It was so personal. The book was mostly legal pads on the passenger seat of a car — on my way to a TV show I was doing, or a movie I had written or a play. This was the after hours, the in-between stuff. I had to reach back. The first draft of the book is probably the most accurate in terms of what happened. Then when I decided to publish the book, I looked at it like an editor: "Gee, I can use a better joke here."
James L. Brooks helped me stage some readings. The first ones were at the Geffen Theatre in L.A. and the Walter Kerr Theatre on Broadway with Jason Alexander and Julia Louis-Dreyfus reading the lead roles. Then I found out that Holly Hunter did it with Woody Harrelson. It always worked because if the actors looked like they went with each other, that's where the heart of the play is — the love story. There's no impersonation. It wasn't written that way.
Was it an unusual experience to see yourself portrayed like that?
Somebody running around saying they're me? Oh yeah. And when I get out to L.A. next week to see it — I don't know if its going to be weirder for me or weirder for the actors. I have not seen it since the late '90s.
Was it intentional that you haven't seen any of the other productions?
Well, they're far away. So I wasn't able to get to Pittsburgh that day.
Will you be sitting in the front row at the Falcon Theatre?
No, I probably will go see it with Garry Marshall or Penny Marshall — the producers. I have no idea where they will be sitting, but I'm praying that it's towards the back. These guys have a performance to give. I don't want the guy playing "Alan" to see me there to see if he's doing me right. That's not fair.
My guess is that it's going to be very nostalgic and very emotional for me. She was godmother to my three kids. She was my wife's best friend towards the end of Gilda's life. I suspect its going to touch a couple of nerves.
There is a moment in the play where Gilda asks why you two never got married.
It is a very romantic notion. The fact of the matter is, it would have been a disaster. [Laughs] I was like the guy version of her, she was the girl version of me. We were both sort of flaky. It would have been the blind leading the blind. That's the reality of it. That conversation did take place, but it's a very romantic look back. At the time, it would have lasted 10 minutes. It's best this way.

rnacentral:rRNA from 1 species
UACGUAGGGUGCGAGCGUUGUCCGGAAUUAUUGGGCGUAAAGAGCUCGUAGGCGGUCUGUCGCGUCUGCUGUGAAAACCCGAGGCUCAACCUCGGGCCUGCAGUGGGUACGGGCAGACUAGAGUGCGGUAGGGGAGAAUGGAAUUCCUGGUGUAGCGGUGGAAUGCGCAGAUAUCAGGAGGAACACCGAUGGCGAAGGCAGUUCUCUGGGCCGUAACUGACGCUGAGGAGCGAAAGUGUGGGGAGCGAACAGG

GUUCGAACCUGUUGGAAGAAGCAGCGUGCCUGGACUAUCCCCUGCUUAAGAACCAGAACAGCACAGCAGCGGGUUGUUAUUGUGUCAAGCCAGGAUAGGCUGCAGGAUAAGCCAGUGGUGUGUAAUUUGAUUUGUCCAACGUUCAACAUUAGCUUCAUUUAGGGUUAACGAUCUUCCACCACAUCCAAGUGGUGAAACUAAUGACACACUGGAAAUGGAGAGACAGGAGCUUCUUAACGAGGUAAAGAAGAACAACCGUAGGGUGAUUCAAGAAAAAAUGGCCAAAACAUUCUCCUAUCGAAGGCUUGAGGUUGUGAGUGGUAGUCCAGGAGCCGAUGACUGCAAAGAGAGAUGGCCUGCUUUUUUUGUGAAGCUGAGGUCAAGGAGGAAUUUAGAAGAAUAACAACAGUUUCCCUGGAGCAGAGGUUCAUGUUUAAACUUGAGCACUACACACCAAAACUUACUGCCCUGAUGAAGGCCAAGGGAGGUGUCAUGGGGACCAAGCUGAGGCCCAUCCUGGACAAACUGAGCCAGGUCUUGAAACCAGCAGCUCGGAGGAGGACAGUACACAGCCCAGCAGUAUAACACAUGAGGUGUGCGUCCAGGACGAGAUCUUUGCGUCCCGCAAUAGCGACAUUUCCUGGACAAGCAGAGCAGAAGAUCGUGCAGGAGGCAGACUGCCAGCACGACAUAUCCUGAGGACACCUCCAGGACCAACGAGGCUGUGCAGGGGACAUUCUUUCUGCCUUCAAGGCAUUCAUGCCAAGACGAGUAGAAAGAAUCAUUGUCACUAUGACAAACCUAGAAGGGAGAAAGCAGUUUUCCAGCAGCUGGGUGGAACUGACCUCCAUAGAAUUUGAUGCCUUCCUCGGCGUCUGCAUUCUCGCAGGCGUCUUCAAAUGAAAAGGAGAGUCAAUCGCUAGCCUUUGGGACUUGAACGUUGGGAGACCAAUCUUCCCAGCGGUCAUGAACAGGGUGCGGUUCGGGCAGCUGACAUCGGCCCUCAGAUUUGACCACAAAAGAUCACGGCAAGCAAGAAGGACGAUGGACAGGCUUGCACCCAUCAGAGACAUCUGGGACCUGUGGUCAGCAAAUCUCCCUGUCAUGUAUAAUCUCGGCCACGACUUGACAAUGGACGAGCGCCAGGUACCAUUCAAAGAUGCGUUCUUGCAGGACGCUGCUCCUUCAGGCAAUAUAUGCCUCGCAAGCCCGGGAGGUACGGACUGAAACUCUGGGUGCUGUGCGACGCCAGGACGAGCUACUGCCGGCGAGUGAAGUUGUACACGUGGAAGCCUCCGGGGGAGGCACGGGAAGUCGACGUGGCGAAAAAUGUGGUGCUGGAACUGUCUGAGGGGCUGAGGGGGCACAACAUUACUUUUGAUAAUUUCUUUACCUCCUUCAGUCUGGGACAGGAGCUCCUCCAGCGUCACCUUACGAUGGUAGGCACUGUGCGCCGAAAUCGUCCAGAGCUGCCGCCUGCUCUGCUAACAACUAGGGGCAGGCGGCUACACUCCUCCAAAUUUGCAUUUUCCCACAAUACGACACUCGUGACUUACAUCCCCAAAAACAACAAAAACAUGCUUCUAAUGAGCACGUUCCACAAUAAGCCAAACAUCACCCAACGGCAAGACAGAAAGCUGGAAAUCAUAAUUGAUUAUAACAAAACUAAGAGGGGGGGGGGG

You've been on camera frequently, but you've never really pursued a performing career.
Oh, I can't act. I do a great me. That's my range. I've never had the desire to act. I can't do accents. I love showing up as me.
Is there something you're missing?
Yeah, it's called talent. When I was doing SNL, I used to get very nervous whenever I was on camera. Gilda would have to push me. If they needed a big Jew to look scared or nervous or dead, I would go out there. There was one sketch where I was a corpse, and I just had to lay in a coffin, but I was so nervous that if you look closely my hand was shaking. That's how nervous I was as a dead person.
I like going on the talk shows now. I love doing my speaking engagements. I'm comfortable in my own skin. I can write stuff for me or take stuff from my real life and make it funny.
Where: Falcon Theatre, 4252 Riverside Dr., Burbank.
When: Through March 2. Performances Wednesday through Saturday, 8 p.m.; Sunday, 4 p.m.
More info: (818) 955-8101, falcontheatre.com
Follow Steve Appleford on Twitter: @SteveAppleford.